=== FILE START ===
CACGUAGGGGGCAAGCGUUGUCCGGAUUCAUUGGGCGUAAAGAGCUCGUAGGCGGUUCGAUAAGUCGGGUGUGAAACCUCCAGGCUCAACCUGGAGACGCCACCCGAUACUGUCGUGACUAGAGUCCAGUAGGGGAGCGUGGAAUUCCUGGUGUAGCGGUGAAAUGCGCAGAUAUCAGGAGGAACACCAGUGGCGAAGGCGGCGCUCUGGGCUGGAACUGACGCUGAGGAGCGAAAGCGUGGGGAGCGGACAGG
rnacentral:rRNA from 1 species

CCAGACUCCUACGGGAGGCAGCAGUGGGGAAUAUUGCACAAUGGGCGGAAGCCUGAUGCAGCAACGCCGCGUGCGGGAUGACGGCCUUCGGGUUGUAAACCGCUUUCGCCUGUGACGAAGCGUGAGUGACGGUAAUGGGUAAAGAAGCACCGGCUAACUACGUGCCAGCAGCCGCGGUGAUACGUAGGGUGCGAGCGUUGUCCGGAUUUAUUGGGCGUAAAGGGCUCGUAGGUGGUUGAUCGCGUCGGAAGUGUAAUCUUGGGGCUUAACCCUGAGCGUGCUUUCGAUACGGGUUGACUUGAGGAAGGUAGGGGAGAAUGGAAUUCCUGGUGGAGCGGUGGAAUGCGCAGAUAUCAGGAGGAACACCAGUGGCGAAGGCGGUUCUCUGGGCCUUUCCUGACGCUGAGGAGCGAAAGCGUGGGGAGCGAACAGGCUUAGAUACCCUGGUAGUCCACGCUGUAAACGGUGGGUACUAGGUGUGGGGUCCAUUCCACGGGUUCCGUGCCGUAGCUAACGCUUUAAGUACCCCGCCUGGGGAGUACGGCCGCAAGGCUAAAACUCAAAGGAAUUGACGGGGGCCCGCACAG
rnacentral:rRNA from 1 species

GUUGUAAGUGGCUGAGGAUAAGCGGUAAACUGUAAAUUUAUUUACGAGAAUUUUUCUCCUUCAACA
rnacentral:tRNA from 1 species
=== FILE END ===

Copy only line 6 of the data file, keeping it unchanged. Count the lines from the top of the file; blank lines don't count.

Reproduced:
rnacentral:tRNA from 1 species